Is Apple's Tablet Loss Google's Gain?

With Apple's latest quarterly earnings release came news that iPad sales dropped 14% from the same time a year ago. Apple said that when inventory changes were factored in, the drop was actually just 3%, but any slip in iPad sales is a win for the competition. With yesterday's debut of Google's new Nexus 7, is the search giant ready to take on Apple's tablets?

Nope, probably not.

The next iteration of Nexus
Google's Nexus 7 release was well received last year, and this year the tech dominator upped the ante by adding some significant hardware upgrades and releasing it with the Android 4.3 OS.

The new Nexus 7. Source: Google.

The new Nexus 7 sports a 1,920 x 1,200 HD screen, LTE connectivity, a rear-facing 5-megapixel camera, a 1.5GHz Qualcomm Snapdragon S4 Pro 8064 processor, dual stereo speakers, and a battery that can last for 10 hours of web browsing. The 16 GB non-LTE Nexus 7 starts at just $229 -- $100 less than the 7.9-inch iPad Mini.

Despite the popularity of the Nexus 7, Google doesn't dominate the tablet market in terms of devices -- though its Android OS does. In the first quarter of 2013, Apple and Samsung claimed the top two market share spots, with Asus and taking No. 3 and No. 4, respectively. With Google giving away its mobile OS for free, it benefits from getting its search, maps, and advertising services into the hands of millions of tablet users. Gartner expects tablet shipments to increase by 68% this year, and the company hopes to benefit from both its services and selling its own devices.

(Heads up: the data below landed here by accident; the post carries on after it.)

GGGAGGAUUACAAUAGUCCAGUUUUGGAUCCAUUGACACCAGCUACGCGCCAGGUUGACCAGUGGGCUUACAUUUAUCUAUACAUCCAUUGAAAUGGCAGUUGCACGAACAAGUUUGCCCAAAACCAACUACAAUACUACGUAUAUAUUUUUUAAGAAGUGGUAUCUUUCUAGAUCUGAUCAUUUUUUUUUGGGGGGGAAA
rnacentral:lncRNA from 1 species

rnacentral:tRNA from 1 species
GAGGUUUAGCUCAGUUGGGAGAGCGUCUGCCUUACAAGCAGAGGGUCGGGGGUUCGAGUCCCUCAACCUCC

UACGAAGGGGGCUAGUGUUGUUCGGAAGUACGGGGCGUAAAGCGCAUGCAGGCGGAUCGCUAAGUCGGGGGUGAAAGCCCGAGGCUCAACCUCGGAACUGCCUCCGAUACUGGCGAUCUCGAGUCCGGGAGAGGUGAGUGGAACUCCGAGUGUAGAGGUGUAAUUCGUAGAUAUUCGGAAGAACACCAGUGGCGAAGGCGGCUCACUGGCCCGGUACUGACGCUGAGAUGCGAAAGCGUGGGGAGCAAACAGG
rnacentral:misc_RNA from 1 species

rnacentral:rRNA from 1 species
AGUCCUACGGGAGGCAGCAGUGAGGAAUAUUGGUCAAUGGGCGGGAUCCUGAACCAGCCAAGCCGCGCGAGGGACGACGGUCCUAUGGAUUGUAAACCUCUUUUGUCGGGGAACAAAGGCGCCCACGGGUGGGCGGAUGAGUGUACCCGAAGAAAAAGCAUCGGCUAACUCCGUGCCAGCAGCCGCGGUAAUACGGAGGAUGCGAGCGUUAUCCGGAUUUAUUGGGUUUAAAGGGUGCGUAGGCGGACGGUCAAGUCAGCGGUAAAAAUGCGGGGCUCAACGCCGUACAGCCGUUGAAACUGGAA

Devices are a different game
But in the device market, Google is at a disadvantage. Samsung is dominating the Android tablet market and Apple's shipment numbers seem completely out of reach. The Nexus 7 did push Asus to the No. 3 spot last quarter, though, beating Amazon's 900,000 tablet shipments by almost 2 million. Google's clearly doing something right with the device, but it's still uncertain if it can make itself a top-device contender in a market it helped define with its software.

I doubt Google's tablet -- although seemingly a solid device -- will change Apple or Samsung's strategy. It'd be best for investors to keep an eye on how the Nexus 7 does in comparison to Amazon's Kindle Fire. The two devices are similarly priced and have the same goal of selling products and services, though they they vary greatly on what's being sold.

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Fool contributor Chris Neiger has no position in any stocks mentioned. The Motley Fool recommends, Apple, Gartner, and Google. The Motley Fool owns shares of, Apple, Google, and Qualcomm. Try any of our Foolish newsletter services free for 30 days. We Fools may not all hold the same opinions, but we all believe that considering a diverse range of insights makes us better investors. The Motley Fool has a disclosure policy.

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